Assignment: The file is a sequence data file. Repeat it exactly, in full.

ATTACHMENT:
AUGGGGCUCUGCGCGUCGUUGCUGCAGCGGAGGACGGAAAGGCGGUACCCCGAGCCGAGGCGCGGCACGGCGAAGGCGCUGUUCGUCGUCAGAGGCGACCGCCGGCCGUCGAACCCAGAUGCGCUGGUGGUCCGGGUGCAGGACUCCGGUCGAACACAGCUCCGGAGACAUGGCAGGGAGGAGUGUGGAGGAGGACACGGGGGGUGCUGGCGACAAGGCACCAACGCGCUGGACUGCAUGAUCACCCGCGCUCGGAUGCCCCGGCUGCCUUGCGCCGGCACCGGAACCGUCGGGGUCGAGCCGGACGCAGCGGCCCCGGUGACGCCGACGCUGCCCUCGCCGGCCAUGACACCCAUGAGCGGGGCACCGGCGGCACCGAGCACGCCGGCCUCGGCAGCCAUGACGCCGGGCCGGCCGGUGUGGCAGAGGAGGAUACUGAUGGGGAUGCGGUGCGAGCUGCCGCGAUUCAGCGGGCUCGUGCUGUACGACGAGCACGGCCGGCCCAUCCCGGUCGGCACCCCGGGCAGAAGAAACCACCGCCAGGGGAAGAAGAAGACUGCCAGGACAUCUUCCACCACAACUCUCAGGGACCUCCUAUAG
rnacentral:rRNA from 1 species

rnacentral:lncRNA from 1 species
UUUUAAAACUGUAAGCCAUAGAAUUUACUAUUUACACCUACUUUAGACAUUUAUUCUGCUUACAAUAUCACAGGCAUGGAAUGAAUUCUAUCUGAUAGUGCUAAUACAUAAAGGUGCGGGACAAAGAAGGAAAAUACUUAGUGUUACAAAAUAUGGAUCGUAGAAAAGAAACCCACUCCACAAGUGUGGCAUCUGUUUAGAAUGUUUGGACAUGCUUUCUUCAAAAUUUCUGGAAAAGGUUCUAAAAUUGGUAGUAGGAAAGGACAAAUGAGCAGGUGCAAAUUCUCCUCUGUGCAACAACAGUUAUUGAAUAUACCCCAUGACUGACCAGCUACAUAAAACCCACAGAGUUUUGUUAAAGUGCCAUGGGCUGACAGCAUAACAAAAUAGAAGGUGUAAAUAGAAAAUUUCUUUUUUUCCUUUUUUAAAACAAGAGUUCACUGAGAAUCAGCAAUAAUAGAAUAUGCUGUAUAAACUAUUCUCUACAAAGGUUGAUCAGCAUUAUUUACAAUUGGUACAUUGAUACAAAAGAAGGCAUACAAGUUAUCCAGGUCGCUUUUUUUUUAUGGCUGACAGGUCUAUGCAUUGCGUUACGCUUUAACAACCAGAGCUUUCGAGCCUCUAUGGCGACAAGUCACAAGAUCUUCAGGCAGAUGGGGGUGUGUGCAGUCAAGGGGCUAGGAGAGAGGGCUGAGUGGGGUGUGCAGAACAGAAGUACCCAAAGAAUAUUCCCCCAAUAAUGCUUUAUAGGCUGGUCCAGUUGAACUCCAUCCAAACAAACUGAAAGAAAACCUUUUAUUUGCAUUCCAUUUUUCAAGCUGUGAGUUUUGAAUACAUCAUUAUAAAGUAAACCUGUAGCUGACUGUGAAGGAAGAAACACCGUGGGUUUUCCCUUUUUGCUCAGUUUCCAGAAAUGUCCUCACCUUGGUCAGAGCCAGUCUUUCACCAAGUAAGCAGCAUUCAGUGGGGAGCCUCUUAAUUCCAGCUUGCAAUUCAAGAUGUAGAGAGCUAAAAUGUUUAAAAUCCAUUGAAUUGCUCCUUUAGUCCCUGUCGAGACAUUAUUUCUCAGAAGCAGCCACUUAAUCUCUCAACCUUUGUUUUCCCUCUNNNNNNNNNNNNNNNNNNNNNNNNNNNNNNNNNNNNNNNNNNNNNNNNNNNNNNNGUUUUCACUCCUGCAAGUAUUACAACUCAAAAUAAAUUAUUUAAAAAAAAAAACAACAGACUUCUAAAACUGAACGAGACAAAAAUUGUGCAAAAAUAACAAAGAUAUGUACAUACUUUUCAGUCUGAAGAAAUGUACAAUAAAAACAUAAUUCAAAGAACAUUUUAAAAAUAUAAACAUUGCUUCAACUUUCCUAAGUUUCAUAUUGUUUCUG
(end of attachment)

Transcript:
AUGGGGCUCUGCGCGUCGUUGCUGCAGCGGAGGACGGAAAGGCGGUACCCCGAGCCGAGGCGCGGCACGGCGAAGGCGCUGUUCGUCGUCAGAGGCGACCGCCGGCCGUCGAACCCAGAUGCGCUGGUGGUCCGGGUGCAGGACUCCGGUCGAACACAGCUCCGGAGACAUGGCAGGGAGGAGUGUGGAGGAGGACACGGGGGGUGCUGGCGACAAGGCACCAACGCGCUGGACUGCAUGAUCACCCGCGCUCGGAUGCCCCGGCUGCCUUGCGCCGGCACCGGAACCGUCGGGGUCGAGCCGGACGCAGCGGCCCCGGUGACGCCGACGCUGCCCUCGCCGGCCAUGACACCCAUGAGCGGGGCACCGGCGGCACCGAGCACGCCGGCCUCGGCAGCCAUGACGCCGGGCCGGCCGGUGUGGCAGAGGAGGAUACUGAUGGGGAUGCGGUGCGAGCUGCCGCGAUUCAGCGGGCUCGUGCUGUACGACGAGCACGGCCGGCCCAUCCCGGUCGGCACCCCGGGCAGAAGAAACCACCGCCAGGGGAAGAAGAAGACUGCCAGGACAUCUUCCACCACAACUCUCAGGGACCUCCUAUAG
rnacentral:rRNA from 1 species

rnacentral:lncRNA from 1 species
UUUUAAAACUGUAAGCCAUAGAAUUUACUAUUUACACCUACUUUAGACAUUUAUUCUGCUUACAAUAUCACAGGCAUGGAAUGAAUUCUAUCUGAUAGUGCUAAUACAUAAAGGUGCGGGACAAAGAAGGAAAAUACUUAGUGUUACAAAAUAUGGAUCGUAGAAAAGAAACCCACUCCACAAGUGUGGCAUCUGUUUAGAAUGUUUGGACAUGCUUUCUUCAAAAUUUCUGGAAAAGGUUCUAAAAUUGGUAGUAGGAAAGGACAAAUGAGCAGGUGCAAAUUCUCCUCUGUGCAACAACAGUUAUUGAAUAUACCCCAUGACUGACCAGCUACAUAAAACCCACAGAGUUUUGUUAAAGUGCCAUGGGCUGACAGCAUAACAAAAUAGAAGGUGUAAAUAGAAAAUUUCUUUUUUUCCUUUUUUAAAACAAGAGUUCACUGAGAAUCAGCAAUAAUAGAAUAUGCUGUAUAAACUAUUCUCUACAAAGGUUGAUCAGCAUUAUUUACAAUUGGUACAUUGAUACAAAAGAAGGCAUACAAGUUAUCCAGGUCGCUUUUUUUUUAUGGCUGACAGGUCUAUGCAUUGCGUUACGCUUUAACAACCAGAGCUUUCGAGCCUCUAUGGCGACAAGUCACAAGAUCUUCAGGCAGAUGGGGGUGUGUGCAGUCAAGGGGCUAGGAGAGAGGGCUGAGUGGGGUGUGCAGAACAGAAGUACCCAAAGAAUAUUCCCCCAAUAAUGCUUUAUAGGCUGGUCCAGUUGAACUCCAUCCAAACAAACUGAAAGAAAACCUUUUAUUUGCAUUCCAUUUUUCAAGCUGUGAGUUUUGAAUACAUCAUUAUAAAGUAAACCUGUAGCUGACUGUGAAGGAAGAAACACCGUGGGUUUUCCCUUUUUGCUCAGUUUCCAGAAAUGUCCUCACCUUGGUCAGAGCCAGUCUUUCACCAAGUAAGCAGCAUUCAGUGGGGAGCCUCUUAAUUCCAGCUUGCAAUUCAAGAUGUAGAGAGCUAAAAUGUUUAAAAUCCAUUGAAUUGCUCCUUUAGUCCCUGUCGAGACAUUAUUUCUCAGAAGCAGCCACUUAAUCUCUCAACCUUUGUUUUCCCUCUNNNNNNNNNNNNNNNNNNNNNNNNNNNNNNNNNNNNNNNNNNNNNNNNNNNNNNNGUUUUCACUCCUGCAAGUAUUACAACUCAAAAUAAAUUAUUUAAAAAAAAAAACAACAGACUUCUAAAACUGAACGAGACAAAAAUUGUGCAAAAAUAACAAAGAUAUGUACAUACUUUUCAGUCUGAAGAAAUGUACAAUAAAAACAUAAUUCAAAGAACAUUUUAAAAAUAUAAACAUUGCUUCAACUUUCCUAAGUUUCAUAUUGUUUCUG